Benzene-like ring-shaped Dirac molecules

While a consistent interaction mechanism holds for all 15 different Pb molecules identified (Supplementary Fig. 4), particularly interesting ones are those based on a six-fold hexagonal ring (Fig. 3). The benzene-like ring molecule of Pb6 with a 2a0 Pb–Pb distance exhibit the weak molecular splitting similar to a 2a0 dimer (Fig. 3e). The intriguing molecular orbital formation is clearly imaged by the dI/dV maps: (i) the broken AB sublattice symmetry for the lowest-energy state (Fig. 3b), (ii) a Kekulé-like distortion for the second state (Fig. 3c), and (iii) a mirror symmetry-broken two-fold-symmetric bonding feature for the third state (Fig. 3d). Our calculation reproduces well the spatial characteristics of these molecular orbitals, which are indeed due to the relativistic character and the interaction with the substrate (Fig. 3l–n, Supplementary Fig. 13). Note, however, the remaining energetic discrepancy between experiment and calculation. The present calculations underestimate the molecular bonding interaction and the calculated spectral features are almost degenerate at ~1.3 eV for the benzene-like molecule. We think that this difference is at least partly due to the limitation of our model in taking into account of the substrate electronic states in its charge-ordered correlated state26. Another interesting molecule is the Pb pentamer (Fig. 3f–j), whose Dirac molecular orbitals are also reasonably well simulated (Fig. 3p–t). Such type of an individual open ring molecule cannot be synthesized. The Pb5 molecule features the edge states at both truncated ends between the bonding and antibonding levels of three Dirac p orbitals (Supplementary Fig. 14). It indicates the ring-type Pb molecules are circularly delocalized electron systems. The formation of a filled-benzene-ring molecule is also highly unusual (Fig. 1j), where the interatomic overlap is much enhanced by the central Pb atom with unique bonding configurations (Supplementary Figs. 1517). This molecule can be compared with a rare example of a planar B7 molecule38 except for the strong SOC. While not accessible by the present experiments, the benzene-type Dirac molecular orbitals fabricated here have unique and interesting spin configurations (Supplementary Fig. 13), which may be exploited further. It becomes very obvious that the present artificial Pb molecules introduce unprecedented molecular configurations combined with the strong SOC.

Fig. 3: Benzene-ring-shaped Pb clusters on IrTe2.

a, f STM topography, bd, gi dI/dV maps, and e, j STS spectra for a Pb hexamer and a pentamer, respectively. dI/dV maps are taken at the energies indicated in the STS spectra. Red, blue, and black lines in the STS spectra are obtained at the red, blue, and black Pb atoms indicated in a and f. The corresponding theoretical results are presented in kt. k, p Atomic structure, ln, qs charge densities at the given energies (spin decoupled and spin summed, respectively), and o, t projected DOS, for a Pb hexamer and a pentamer on IrTe2-(7 × 7), respectively. For the Pb hexamer, the localized DOS at red and blue Pb atoms is identical to each other. For the Pb pentamer, the red (dark blue) line denote the localized states at truncated end atoms (the other Pb atoms). Solid and dashed lines represent pxy and pz states, respectively.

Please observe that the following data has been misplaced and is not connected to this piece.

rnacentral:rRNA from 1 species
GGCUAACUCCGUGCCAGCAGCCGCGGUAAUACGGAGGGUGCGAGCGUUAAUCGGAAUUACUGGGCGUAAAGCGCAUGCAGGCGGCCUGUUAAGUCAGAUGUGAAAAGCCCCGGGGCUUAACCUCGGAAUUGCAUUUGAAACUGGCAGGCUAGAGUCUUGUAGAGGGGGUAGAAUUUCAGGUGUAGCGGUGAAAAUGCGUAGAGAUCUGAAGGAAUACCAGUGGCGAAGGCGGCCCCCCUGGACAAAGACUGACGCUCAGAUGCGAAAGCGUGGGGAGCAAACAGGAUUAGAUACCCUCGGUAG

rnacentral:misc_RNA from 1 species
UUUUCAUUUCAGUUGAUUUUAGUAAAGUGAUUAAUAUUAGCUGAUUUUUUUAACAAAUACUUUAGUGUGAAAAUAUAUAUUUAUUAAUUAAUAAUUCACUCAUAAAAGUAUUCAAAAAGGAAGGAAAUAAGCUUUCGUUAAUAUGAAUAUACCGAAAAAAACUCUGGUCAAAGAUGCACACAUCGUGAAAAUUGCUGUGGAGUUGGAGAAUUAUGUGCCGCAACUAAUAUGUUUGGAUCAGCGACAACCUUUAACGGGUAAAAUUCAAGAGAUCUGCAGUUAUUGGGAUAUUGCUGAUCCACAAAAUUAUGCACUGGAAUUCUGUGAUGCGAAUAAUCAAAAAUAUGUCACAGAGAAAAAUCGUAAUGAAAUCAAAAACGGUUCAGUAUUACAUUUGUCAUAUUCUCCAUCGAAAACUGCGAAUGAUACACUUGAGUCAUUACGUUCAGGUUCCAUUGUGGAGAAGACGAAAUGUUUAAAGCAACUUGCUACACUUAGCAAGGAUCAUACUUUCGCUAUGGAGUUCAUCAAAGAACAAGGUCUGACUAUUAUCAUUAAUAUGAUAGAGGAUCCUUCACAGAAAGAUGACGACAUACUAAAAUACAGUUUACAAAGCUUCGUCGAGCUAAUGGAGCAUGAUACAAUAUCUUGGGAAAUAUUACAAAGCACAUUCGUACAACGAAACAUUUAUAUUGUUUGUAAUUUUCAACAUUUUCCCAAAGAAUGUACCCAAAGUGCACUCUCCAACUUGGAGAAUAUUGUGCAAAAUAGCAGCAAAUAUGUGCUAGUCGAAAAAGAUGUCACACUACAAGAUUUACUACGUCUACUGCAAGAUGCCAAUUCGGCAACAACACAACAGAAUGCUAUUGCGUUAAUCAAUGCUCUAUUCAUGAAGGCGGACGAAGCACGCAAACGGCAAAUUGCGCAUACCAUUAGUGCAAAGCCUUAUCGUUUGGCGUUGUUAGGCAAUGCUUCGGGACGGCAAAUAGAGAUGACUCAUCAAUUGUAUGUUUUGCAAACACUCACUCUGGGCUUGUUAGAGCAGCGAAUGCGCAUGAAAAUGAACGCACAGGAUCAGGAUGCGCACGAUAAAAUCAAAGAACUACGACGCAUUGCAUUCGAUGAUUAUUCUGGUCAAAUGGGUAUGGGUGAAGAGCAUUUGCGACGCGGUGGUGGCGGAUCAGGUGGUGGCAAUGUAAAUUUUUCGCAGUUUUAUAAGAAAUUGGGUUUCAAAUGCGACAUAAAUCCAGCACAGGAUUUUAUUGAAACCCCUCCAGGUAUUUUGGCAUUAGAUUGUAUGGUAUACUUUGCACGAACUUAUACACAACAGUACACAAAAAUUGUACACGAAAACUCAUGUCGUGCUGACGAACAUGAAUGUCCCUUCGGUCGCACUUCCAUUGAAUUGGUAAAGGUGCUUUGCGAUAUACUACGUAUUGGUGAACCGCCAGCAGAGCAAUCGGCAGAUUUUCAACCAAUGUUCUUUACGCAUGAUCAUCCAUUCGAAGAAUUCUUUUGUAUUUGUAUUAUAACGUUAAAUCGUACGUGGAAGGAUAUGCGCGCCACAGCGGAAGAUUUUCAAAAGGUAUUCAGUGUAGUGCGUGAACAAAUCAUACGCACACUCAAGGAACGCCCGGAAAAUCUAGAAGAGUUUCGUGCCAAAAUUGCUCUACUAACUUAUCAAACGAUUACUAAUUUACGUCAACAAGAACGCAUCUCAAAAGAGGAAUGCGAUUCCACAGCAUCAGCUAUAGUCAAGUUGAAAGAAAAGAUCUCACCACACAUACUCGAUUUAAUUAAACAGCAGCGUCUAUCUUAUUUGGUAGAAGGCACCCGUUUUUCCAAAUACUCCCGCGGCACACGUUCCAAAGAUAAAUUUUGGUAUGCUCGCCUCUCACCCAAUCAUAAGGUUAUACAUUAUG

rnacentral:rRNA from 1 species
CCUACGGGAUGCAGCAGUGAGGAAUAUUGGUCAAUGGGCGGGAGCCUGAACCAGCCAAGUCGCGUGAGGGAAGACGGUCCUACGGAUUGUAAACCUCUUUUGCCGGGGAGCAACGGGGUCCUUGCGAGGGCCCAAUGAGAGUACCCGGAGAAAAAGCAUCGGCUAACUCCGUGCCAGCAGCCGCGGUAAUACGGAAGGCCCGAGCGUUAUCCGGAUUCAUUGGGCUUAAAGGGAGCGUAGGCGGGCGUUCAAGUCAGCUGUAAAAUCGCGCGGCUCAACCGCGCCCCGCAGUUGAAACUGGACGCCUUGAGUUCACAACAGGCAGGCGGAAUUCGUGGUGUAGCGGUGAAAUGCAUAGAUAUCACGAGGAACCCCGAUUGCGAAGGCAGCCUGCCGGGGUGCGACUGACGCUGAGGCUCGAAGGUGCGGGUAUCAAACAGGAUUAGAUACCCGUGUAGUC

We fabricate various artificial Pb molecules utilizing a novel honeycomb template of the charge-ordered superstructure in IrTe2. The molecular orbital formation is clearly observed in the Pb clusters from dimers to unusual benzene-ring-type molecules. The SOC is found to play crucial roles in both the condensation of Pb atoms and the molecular orbital formation, bringing them into an unprecedented regime of relativistic Dirac molecules. Beyond the relativistic chemistry, the unusual bonding and spin structure of these relativistic molecular orbitals may be combined with the novel electronic properties of the substrate, such as the charge ordering and the emerging superconductivity26 to lead to a new type of a quantum system. In addition to the versatile technique of atom-by-atom manipulation, where the interatomic distance may be varied, the use of various types of 2D superstructures as templates would definitely extend the potential of molecular or cluster self assemblies. Interesting 2D superstructures can include twisted bilayer graphene39 and domain-wall or twin-boundary networks of transition metal dichalcogenides40,41. The templated self-assembly of magnetic atoms on such substrates can be very interesting due to the proximity to the novel 2D electronic states of substrates.


Sample preparation

Single crystals of IrTe2 were grown by Te flux using presintered IrTe2 polycrystals, as reported previously. Samples were cleaved in a vacuum better than 5 × 10−10 torr at room temperature. Pb atoms are grown on cleaved IrTe2 surfaces at room temperature. The Pb atom tends to cover the IrTe2 surface up to 0.1 mL. Over this coverage, this Pb growth mode depends on the deposition temperature. For example, when the Pb grows at room temperature, Pb forms a uniform film. However, at low-temperature deposition, depending on the coverage and annealing condition, we can found different heights of the Pb islands.

STM measurement

All the STM measurements were performed with a commercial ultrahigh vacuum cryogenic STM (Specs, Germany) in the constant-current mode with PtIr tips at 4.3 K. The differential conductance, dI/dV, was measured using the lock-in detection with a modulation of 1.17 kHz.

DFT calculations

We perform the relativistic DFT calculations using the Vienna abinitio simulation package42 within the generalized gradient approximation of the Perdew–Burke–Ernerhof type43 and the projector augmented-wave method44. The IrTe2 surface is modeled by a (5 × 5) and (7 × 7) supercell with a single IrTe2 layer and a vacuum spacing of ~23.6 Å. The calculated value 3.839 Å is used as the lattice constant of IrTe2. We use a plane-wave basis with a cutoff of 211 eV for expansion of electronic wave functions and a 15 × 15 × 1 k-point mesh for the 1 × 1 Brillouin-zone integrations. To avoid the unexpected substrate distortion of the IrTe2, only adsorbed Pb atoms are relaxed until the residual force components are within 0.02 eV/Å. Here, the Fermi level was shifted down by 0.70 eV because to overcome the inherent discrepancy between experiment and theory due to unknown charge-ordered structure, doping effect of the Pb adsorbates and the IrTe2 sample and/or the inaccuracy of DFT band-energy calculations.